Art & Soul

Carolyn Par­sons talks about luck

The Central Voice - - Front Page - Carolyn R. Par­sons Carolyn R. Par­sons is an au­thor who lives in cen­tral New­found­land and Labrador and she can be reached at car­olyn­r­par­

In Fe­bru­ary I won a trip for two to Toronto to see my favourite singer, Jim Cuddy, at Massey Hall on Valen­tine’s Day, as well as $500 spend­ing money. Wasn’t that lucky?

I was so ex­cited and, yes, we went to Toronto and had a blast. When I won, con­grat­u­la­tions came from ev­ery di­rec­tion. Many ad­vised me to buy lot­tery tick­ets be­cause of my in­cred­i­ble good luck!

The dic­tionary de­scribes luck as “events or cir­cum­stances that op­er­ate for or against an in­di­vid­ual.” Surely that ap­plied to win­ning this trip right? I was on the good side of lucky and it felt great.

When Can­dace Os­mond said, “I’m very lucky,” as she set­tled in to tell me about her full-time writ­ing ca­reer how­ever, it didn’t quite mesh with what I un­der­stood about the con­cept.

The pro­lific Fogo Is­landraised au­thor started her first book in her late teens. Af­ter years of “pick­ing away at it,” she com­pleted and pub­lished it at 25 and now at 32, book num­ber 12 will be re­leased on Sept. 24.

Dur­ing our con­ver­sa­tion she de­scribed her jam-packed work­load, which is di­vided be­tween writ­ing her nov­els, con­tribut­ing to sev­eral mag­a­zines and on­line pub­li­ca­tions, and as an in­de­pen­dent au­thor she is also fully re­spon­si­ble for ad­ver­tis­ing and pub­lish­ing her books.

“Para­nor­mal fan­tasy ro­mance is the genre I like to hang around in,” she says, though she has dab­bled in the thriller genre. She mainly writes se­ries, with her first be­ing the tril­ogy “Iron and Wine” and her most re­cent, “The Dark Tides” se­ries.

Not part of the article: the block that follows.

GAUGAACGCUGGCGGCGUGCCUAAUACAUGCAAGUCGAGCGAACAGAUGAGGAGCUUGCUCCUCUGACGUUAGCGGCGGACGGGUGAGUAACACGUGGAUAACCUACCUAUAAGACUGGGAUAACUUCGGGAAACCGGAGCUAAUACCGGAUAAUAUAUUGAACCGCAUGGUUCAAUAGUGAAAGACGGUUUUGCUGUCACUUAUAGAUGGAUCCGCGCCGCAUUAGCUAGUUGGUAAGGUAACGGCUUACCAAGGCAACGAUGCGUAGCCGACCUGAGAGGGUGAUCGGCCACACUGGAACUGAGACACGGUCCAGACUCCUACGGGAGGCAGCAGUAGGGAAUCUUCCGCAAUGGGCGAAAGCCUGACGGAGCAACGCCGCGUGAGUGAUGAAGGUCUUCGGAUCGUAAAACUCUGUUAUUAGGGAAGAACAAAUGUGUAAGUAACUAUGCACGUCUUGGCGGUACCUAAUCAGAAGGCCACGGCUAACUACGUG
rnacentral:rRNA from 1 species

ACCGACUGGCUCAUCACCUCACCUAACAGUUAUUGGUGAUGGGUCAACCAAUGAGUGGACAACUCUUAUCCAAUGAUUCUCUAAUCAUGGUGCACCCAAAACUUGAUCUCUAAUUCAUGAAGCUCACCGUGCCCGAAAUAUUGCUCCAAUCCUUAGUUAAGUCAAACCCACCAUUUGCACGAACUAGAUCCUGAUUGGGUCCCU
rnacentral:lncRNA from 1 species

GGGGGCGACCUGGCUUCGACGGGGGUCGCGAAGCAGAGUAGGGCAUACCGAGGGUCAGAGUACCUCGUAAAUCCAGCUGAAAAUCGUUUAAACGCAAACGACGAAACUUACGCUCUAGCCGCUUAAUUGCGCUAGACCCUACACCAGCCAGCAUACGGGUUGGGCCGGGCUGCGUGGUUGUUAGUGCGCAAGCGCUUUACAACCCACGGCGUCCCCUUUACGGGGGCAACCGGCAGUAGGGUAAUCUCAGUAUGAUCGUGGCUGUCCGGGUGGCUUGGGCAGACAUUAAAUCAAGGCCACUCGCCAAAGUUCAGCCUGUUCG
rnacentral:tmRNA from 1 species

Hang­ing around sounds so easy, but writ­ing books that start as a tril­ogy, and grow into a se­ries of four books, as her lat­est project did, is no sim­ple task.

“There is a point that writ­ers reach when writ­ing where the story just starts writ­ing it­self,” she ex­plains.

Aside from the hours of work re­quired to cre­ate a book and pub­lish it, there is a strat­egy to her suc­cess that in­cludes tar­geted mar­ket­ing, par­tic­i­pat­ing in col­lec­tions that in­volves mul­ti­ple authors do­ing joint mar­ket­ing in order to qual­ify for the New York Times and USA To­day best­seller lists (she is core­leas­ing an ebook col­lec­tion called “Rite to Reign” along with other authors in De­cem­ber that is specif­i­cally de­signed to tar­get the best­seller lists).

Back to the idea of luck. The dic­tionary def­i­ni­tion im­plies it’s a mys­te­ri­ous force, some­thing be­yond our in­flu­ence. Yet even the trip that I won, against huge odds, was de­pen­dent upon my de­ci­sion, im­pul­sive as it was, to en­ter the con­test.

Ernest Hem­ing­way said, “For a true writer, each book should be a new be­gin­ning where he tries again for some­thing that is be­yond at­tain­ment. He should al­ways try for some­thing that has never been done or that oth­ers have tried and failed. Then some­times, with great luck, he will suc­ceed.”

What? Se­ri­ously Ernie? Not great tal­ent but rather with great luck? I beg to dif­fer.

“The Old Man and the Sea” per­co­lated in Hem­ing­way’s brain for well over a decade be­fore he bril­liantly crafted it into what has long been con­sid­ered his great­est work. I don’t think luck had a sin­gle thing to do with it.

Be proud Can­dace, as you com­plete (lucky?) year seven of your writ­ing ca­reer. You work hard and de­serve your suc­cess.

Mean­while, I con­fess that I think the con­cept of luck is noth­ing more than a use­ful fal­lacy to hide be­hind. If things go wrong, blame it on bad luck. The prob­lem is that this pre­vents an artist from ever hav­ing to delve into the re­al­ity of why some­thing failed, in order to learn from it. Con­versely, if some­one is for­tu­nate they can claim they were sim­ply lucky and hide from the dis­com­fort of im­mod­esty and again, learn noth­ing from their suc­cess.

There is an adage that luck is prepa­ra­tion meet­ing op­por­tu­nity. No magic there, just roll up your sleeves, cre­ate your art and share it. That’s the only way suc­cess­ful peo­ple get lucky.

Find out more about Can­dace Os­mond at­thor­can­

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